On a balmy Friday morning in January at the Latin Americans for Social and Economic Development (LA SED) Senior and Youth Center, the smell of fresh coffee and pan dulce fill the air. On the other side of the room, you can hear the sound of dominos being shuffled and laughter after a game well played. This is a glimpse of daily life for Latino seniors in Southwest Detroit.
Josefina Zaragoza, nicknamed “Fina,” seems to be the most popular person at LA SED.
Fina’s been going to the center almost daily for the last 18 years. Sitting next to her are friends Rita and Dominga. Rita dunks sweet bread into a cup of coffee. After the morning cafe and pan, it’s time for their daily workout.
As 10 a.m. rolls around, instructor Roberto Nearon gets ready for Toalla Fitness, or “Towel Fitness” in English. Toalla Fitness is a group exercise using Nearon’s original style of dance. It incorporates hand towels and a chair, which attracts seniors and participants with limited mobility. Daily exercise helps maintain the ability to live independently and reduces the risk of falling.
While some folks were working out, LA SED’s Program Coordinator, Fernanda Sanchez, and the center’s Executive Director, Mary Carmen Muñoz, share more about the thriving tercera edad in the community. The phrase “la tercera edad” translates to “the third age” in English. It was created as a respectful term to use instead of “old” or “elderly.”
“We are on our path because of the trail they blazed before us,” Muñoz said of la tercera edad community members of Southwest Detroit.
The team shared that the goal for the center has always been to offer programs and services to la tercera edad in the community that keeps them emotionally and physically healthy and independent for as long as possible.
LA SED’s free daily programming starts at 9 a.m. and goes to about 1 p.m. It includes transportation from zip codes 48209, 48210, 48216 and 48217. Participants can receive hot lunches for a small donation of two dollars and a cup of coffee for a quarter.
Wellness workshops run for six weeks at a time, twice a week for one and a half hours. LA SED encourages people to continue their active lifestyles. Workshops and classes offered by the center include dance fitness, living with diabetes, taking control, as well as prevention of chronic illness, anti-scam workshops, “Know-our Rights” workshops, funeral service planning and community storytelling.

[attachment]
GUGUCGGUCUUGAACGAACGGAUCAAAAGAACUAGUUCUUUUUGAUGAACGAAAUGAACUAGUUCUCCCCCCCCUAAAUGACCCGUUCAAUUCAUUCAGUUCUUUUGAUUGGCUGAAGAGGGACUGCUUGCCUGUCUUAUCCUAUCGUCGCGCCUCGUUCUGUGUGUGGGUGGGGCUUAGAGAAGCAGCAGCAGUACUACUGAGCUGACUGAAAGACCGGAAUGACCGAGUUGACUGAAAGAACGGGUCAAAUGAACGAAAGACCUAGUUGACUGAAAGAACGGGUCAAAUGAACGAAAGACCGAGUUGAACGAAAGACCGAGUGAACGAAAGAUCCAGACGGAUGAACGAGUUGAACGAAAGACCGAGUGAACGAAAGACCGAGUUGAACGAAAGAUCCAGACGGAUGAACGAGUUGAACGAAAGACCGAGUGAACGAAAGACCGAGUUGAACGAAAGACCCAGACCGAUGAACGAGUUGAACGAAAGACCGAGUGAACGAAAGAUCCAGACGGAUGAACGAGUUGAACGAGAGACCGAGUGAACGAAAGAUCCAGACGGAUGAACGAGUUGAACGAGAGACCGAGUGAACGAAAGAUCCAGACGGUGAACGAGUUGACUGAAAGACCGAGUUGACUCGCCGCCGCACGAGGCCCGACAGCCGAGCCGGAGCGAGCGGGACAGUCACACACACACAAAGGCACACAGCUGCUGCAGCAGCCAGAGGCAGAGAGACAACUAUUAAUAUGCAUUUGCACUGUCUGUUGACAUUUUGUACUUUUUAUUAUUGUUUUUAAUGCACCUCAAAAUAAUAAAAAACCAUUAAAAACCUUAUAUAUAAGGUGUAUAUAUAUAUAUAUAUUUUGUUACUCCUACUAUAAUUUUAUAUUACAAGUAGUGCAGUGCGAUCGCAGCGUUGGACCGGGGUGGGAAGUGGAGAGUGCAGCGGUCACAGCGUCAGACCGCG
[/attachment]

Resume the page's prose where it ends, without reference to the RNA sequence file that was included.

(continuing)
Sanchez is working on a computer tech program for la tercera edad in 2023 along with ramping up their quarterly field trips to museums, Frankenmuth, the state capitol, a ride on the Detroit Princess boat and the Golden Corral restaurant.
LA SED suffered a huge hit during the pandemic, losing some to the virus, but continued working remotely to coordinate food drop-offs to make sure people were taken care of and remained as healthy as possible. They also managed a successful pop-up vaccination clinic for the community. Program participation dwindled due to the pandemic. In 2019, the center was servicing 60-80 seniors per day. Today the program averages about 15 to 30 people per day.
Sanchez is hoping to recruit more community members of la tercera edad through presentations at schools, head-start programs and coordinating with other community centers such as Patton Park recreation center for swimming aerobics.
Angela Gallegos is a special projects manager, voice actress and native Southwest Detroiter. She is a creative changemaker passionate about wellness and justice in her community and the world.